Henderson Parade, Merewether Beach, Merewether NSW
(02) 4918 0000 or www.surfhouse.com.auMerewether Surfhouse brings three levels of distinctly beachside experiences to locals and tourists alike.
Merewether Surfhouse opened in November 2011 to a fair degree of immediate success, despite a summer plagued with rain and unseasonably cold weather. Starting on the ground floor, where the café and kiosk provide beachgoers with snacks and drinks, the focus moved to opening the top-level restaurant and bar, with its dramatic backdrop of surf, sand and sunsets. Then it was on to the function space in the middle, which, as General Manger Marc Allardice happily recounts, is now booked out through 2012 and beyond. “It’s been ticking along very, very well,” says Marc. “We’re a bit blown away, actually, as to how well the Surfhouse has been embraced.”
A slightly convoluted path led to the creation of the Merewether Surfhouse, which is situated on Crown Reserve land and was the site of a rundown and rarely used 1930s clubhouse. A number of Newcastle and Merewether locals approached Crone Partners’ development of the site with understandable misgivings, given the size, scope and landmark position of the building; however, according to Tony Green, Executive Director of the hospitality consortium that operates the venue, the future of the site had been heatedly debated amongst locals for nearly 20 years. And some of the apprehensions about the new building have been allayed now the place is up and running, with many locals taking advantage of what the Surfhouse has to offer. Tony comments that, “We’ve run into a few people who objected to it but they’ve been coming in here and good enough to admit, ‘we think you guys have done a good job’. And it is a good-looking building — there’s lots of glass and the roofline fits in with the surrounds. It’s been done well.”
Marc Allardice has worked for the Green consortium for 10 years, managing a number of the group’s pubs in Sydney, North Sydney and Cockle Bay. He jumped at the chance to relocate to Newcastle and run the Merewether Surfhouse. “I thought is was a great opportunity. Newcastle is really growing and it has everything that Sydney has — the harbours, the beaches — I just love it. And an offer of a share in the company was a great lure!” The pole position of the Surfhouse was another draw card for Marc. “The top level, with the à la carte restaurant and the wine and cocktail bar, has been a great success. It’s probably my favourite part to run, sitting on the terrace and enjoying that view. We’re lucky to have something like this on the east coast, so close to the beach. It’s just a lovely spot to be.” And a big mix of clientele seems to agree, with Marc describing Sundays at the Surfhouse as a burst of varied activity. “With a few thousand people around on a Sunday afternoon, we attract a lot of visitors for a lot of different reasons. There are people who come in for casual cocktails or a beer on the terrace, families having Sunday lunch in the restaurant, and then there are the young kids and tourists or surfies on the beach, who pop into the kiosk or café for a snack or a coffee.”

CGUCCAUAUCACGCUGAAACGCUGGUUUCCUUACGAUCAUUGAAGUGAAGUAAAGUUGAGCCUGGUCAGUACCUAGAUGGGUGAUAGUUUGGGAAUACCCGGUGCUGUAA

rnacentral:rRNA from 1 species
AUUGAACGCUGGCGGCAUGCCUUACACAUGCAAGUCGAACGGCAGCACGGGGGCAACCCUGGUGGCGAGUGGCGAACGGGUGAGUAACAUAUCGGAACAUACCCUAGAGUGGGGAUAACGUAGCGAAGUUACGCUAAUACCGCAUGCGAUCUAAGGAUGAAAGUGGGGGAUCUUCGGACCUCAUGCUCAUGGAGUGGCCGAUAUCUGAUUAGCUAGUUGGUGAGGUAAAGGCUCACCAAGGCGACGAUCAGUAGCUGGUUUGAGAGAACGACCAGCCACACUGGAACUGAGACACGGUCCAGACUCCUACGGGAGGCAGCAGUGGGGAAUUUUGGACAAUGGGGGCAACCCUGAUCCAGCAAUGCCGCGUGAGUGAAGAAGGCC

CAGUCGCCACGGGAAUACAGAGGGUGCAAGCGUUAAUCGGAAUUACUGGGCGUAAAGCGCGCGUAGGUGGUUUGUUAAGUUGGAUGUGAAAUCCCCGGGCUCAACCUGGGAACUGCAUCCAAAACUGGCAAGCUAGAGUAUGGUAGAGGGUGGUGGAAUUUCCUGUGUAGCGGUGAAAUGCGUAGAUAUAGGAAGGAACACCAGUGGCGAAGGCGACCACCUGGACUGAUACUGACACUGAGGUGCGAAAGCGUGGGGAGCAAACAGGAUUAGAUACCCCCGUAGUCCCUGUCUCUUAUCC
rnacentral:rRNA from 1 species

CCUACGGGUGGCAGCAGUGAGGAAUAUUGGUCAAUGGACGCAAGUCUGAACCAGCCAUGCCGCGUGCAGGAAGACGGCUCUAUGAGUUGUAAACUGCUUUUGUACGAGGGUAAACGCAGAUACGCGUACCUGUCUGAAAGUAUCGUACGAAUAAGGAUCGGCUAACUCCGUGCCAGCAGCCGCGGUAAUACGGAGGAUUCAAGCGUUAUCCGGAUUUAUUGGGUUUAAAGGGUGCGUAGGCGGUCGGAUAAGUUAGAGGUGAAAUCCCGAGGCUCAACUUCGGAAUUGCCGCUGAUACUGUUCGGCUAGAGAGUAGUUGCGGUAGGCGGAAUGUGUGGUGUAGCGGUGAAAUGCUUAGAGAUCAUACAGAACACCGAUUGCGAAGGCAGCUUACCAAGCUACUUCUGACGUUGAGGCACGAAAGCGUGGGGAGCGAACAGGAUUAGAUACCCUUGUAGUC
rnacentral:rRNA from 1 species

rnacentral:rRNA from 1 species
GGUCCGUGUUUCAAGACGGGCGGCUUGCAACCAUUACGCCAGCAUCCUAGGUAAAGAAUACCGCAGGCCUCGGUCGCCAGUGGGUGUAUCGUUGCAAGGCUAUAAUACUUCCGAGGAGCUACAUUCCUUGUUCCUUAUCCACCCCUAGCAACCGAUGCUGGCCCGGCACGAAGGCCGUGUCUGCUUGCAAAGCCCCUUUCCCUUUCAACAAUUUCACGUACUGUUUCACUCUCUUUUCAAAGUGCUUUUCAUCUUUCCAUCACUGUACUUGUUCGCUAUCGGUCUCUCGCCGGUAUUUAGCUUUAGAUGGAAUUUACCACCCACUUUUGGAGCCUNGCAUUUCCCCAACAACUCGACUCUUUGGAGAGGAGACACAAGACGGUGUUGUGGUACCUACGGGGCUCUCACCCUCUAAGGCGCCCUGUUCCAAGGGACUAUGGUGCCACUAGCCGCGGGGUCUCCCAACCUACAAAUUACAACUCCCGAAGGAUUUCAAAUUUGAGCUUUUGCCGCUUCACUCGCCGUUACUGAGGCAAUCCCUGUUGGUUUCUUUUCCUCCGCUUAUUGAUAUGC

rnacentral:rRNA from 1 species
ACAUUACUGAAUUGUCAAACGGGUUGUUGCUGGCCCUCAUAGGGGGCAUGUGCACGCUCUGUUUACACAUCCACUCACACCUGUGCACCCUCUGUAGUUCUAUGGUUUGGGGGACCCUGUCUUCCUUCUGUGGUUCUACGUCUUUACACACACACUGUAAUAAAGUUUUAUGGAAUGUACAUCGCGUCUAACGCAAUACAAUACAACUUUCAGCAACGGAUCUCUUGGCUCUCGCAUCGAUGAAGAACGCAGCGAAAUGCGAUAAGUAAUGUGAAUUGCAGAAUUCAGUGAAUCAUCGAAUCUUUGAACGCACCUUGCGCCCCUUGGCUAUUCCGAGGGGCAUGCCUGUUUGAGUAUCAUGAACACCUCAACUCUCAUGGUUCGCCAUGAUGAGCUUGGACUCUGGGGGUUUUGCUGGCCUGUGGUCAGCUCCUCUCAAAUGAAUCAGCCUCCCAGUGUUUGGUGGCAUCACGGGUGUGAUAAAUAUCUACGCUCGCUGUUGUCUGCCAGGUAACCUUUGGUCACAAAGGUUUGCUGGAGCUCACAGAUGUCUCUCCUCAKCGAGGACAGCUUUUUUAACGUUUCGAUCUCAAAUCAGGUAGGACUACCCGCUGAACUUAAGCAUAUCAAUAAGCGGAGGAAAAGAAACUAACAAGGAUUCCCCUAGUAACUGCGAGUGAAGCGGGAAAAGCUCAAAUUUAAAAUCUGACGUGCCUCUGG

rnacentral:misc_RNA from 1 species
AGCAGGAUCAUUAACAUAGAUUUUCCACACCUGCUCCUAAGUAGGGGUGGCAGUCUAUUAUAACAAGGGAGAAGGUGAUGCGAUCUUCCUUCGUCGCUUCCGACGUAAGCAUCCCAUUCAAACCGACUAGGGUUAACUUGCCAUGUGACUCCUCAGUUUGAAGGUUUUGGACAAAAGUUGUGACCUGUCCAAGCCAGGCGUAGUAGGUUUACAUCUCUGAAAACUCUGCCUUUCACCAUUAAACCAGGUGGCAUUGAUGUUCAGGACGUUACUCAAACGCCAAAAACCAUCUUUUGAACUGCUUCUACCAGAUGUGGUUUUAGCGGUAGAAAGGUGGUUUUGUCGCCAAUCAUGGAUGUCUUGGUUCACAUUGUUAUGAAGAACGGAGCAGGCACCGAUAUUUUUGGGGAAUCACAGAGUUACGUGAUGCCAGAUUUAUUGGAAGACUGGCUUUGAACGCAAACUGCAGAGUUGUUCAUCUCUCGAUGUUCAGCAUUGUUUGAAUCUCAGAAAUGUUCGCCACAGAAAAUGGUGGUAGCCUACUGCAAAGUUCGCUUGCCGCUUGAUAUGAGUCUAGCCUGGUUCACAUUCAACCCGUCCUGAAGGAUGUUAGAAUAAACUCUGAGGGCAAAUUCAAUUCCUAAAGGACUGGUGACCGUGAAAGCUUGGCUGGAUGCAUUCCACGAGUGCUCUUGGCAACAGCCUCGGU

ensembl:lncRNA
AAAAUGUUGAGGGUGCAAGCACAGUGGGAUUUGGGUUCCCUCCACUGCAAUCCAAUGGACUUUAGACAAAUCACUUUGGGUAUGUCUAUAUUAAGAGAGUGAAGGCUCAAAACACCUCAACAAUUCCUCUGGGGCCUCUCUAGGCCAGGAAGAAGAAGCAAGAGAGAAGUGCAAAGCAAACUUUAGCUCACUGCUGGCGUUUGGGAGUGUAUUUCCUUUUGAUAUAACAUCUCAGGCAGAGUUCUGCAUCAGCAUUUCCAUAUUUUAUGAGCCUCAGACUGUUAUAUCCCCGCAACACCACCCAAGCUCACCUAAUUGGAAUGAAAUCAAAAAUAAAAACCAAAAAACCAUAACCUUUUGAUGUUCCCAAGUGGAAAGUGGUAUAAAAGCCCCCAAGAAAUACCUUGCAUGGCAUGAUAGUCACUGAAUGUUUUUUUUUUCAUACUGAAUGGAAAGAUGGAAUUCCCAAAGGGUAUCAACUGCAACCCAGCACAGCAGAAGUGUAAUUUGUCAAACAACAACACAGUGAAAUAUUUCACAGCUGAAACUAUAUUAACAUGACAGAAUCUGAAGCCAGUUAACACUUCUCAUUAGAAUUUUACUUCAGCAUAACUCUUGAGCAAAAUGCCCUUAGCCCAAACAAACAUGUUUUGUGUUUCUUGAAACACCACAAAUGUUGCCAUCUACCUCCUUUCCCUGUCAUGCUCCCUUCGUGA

Sydney-based CO-AP (COllaborative_Architecture_Practice) came up with the interior of the Merewether Surfhouse, working with what was pretty much a concrete and glass shell with a spectacular view. William Fung of CO-AP says that streamlining the eye away from the inner workings and out to the decks was a key criterion in the design. “The kitchen and wet bars have been split into two areas, in order to define circulation routes and separate the restaurant and bar visually and acoustically. Both share the same guest amenities, which are located behind the wet bars and purposefully obstruct the view of the beach from the entry. This means the spectacular views are revealed as the visitor moves from the maître d’ station into the restaurant, or to the bar and outdoor terrace.” Tony Green is by and large very happy with the new enterprise, which is a move in a different direction for the largely pub-based consortium. “We’ve had a huge number of people through the place… I think we’ve done a good fitout. There are a few things we need to change but, generally, it looks good, people are using it and it’s getting a good response.” Yet Tony is adamant that the selling point of the magnificent view is only the starting point, and that what the Merewether Surfhouse has to offer in terms of service and food is really the key to its success. “We are very conscious of the fact, and emphasised this from day one, that having a fantastic location and great fitout is just the first step. If people don’t get good food or good service, the view doesn’t matter — it only lasts for the first five minutes. You have to give good service and I think we are doing that, and people appreciate it.” – Sophie Gebhardt